Summary --Equations for the motions in a galaxy which is controlled by gravitational forces and inertial effects are formulated. It is found that for the motions relative to the rotating system formulae analogous, and of similar form, to the geostrophie wind equations may be written. From these formulae and from the distribution of the relative gravitational potential in the disc of the galaxy, it is found that a spiral tendency in the mass distribution carries the implication of an inward flux of angular momentum by advective processes. This is to be compared with an outward flux through gravitational torques obtained in previous studies in which the writer participated.
1. Introduction --A large tract of Newtonian theory can be more compactly and conveniently discussed in terms of the gravitational potential % a concept introduced subsequent to the time of Newton. The fundamental equation relating ~ to the spacial distribution of mass is the familiar equation of Poisson, namely, (1) V2~ = 4rsGp
where G is the universal constant of gravitation and p is the density of mass in space.
It is well known that certain philosophical difficulties arise in an attempt to apply (1) to the entire universe as was pointed out notably by EINSTEIN (1917), and modern cosmological theory may be said to have had its beginning in this source. If the mass density ~ is taken over some finite region of space, one property- of equation (1) is that it alone does not possess the competence to specify the motion of a given interior mass point. The solution of (1), speaking mathematically, consists of two parts, namely, a complimentary function which is not uniquely fixed by the interior mass, and a particular integral which is so determined.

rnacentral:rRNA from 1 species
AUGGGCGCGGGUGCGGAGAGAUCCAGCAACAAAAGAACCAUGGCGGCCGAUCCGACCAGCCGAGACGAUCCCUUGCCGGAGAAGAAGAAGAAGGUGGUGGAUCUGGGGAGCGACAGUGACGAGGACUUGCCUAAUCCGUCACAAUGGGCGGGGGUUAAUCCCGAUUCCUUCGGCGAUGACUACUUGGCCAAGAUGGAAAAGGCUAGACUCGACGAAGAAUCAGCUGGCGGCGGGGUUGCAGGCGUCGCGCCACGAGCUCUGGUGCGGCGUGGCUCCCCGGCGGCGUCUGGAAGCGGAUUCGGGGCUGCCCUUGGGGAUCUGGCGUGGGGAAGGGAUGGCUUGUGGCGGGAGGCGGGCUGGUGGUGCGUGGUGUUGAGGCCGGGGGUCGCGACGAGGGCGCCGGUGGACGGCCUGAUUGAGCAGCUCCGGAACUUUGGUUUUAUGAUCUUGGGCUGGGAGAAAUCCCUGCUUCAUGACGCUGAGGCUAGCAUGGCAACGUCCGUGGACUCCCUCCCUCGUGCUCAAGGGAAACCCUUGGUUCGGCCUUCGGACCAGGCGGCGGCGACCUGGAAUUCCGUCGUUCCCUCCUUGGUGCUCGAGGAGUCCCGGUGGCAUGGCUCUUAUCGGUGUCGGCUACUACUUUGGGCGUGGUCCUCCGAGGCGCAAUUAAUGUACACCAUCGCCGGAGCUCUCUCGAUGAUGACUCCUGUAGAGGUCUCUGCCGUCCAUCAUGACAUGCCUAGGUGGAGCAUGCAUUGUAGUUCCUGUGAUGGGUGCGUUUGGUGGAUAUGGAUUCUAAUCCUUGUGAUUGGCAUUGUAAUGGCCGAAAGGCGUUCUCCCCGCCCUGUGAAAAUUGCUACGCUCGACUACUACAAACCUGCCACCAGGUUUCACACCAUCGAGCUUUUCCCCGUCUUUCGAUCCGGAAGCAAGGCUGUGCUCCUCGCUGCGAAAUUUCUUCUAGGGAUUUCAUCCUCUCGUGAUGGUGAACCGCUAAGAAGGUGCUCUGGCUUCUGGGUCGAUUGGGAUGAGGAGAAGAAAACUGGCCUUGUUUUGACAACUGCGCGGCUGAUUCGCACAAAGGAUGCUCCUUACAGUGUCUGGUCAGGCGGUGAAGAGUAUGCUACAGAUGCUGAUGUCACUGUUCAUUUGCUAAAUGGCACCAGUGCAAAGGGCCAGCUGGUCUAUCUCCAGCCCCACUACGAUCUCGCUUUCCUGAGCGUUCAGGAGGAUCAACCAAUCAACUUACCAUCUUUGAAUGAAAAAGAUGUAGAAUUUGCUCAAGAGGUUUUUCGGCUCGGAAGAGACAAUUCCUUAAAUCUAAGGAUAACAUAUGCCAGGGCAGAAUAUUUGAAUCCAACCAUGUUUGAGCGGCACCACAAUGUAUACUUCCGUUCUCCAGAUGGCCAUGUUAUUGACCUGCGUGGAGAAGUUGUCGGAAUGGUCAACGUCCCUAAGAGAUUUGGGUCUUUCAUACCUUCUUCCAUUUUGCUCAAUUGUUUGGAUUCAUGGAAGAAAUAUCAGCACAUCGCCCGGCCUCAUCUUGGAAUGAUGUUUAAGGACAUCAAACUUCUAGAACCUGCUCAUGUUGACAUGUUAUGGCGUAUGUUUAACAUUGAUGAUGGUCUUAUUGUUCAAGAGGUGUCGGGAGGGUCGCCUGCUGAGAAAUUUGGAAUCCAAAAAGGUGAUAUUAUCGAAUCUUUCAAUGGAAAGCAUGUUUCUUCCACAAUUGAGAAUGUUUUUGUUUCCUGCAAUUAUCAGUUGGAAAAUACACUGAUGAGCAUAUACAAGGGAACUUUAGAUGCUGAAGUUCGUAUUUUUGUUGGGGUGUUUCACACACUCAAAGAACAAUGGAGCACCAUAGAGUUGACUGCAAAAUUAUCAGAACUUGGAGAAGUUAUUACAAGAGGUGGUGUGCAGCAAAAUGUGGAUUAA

For the specification of the complimentary function one must apply as a boundary condition added information, let us say, concerning the value of the potential at an infinite distance from the given mass distribution if it is one that is isolated in space, as we shall for our present purpose now assume. Under these conditions the subject takes on a simple form owing to the fact that the complimentary function, since it is a solution of (]) with the right hand member zero (i.e., of Laplace's.
by VICTOn P. STARR(*)
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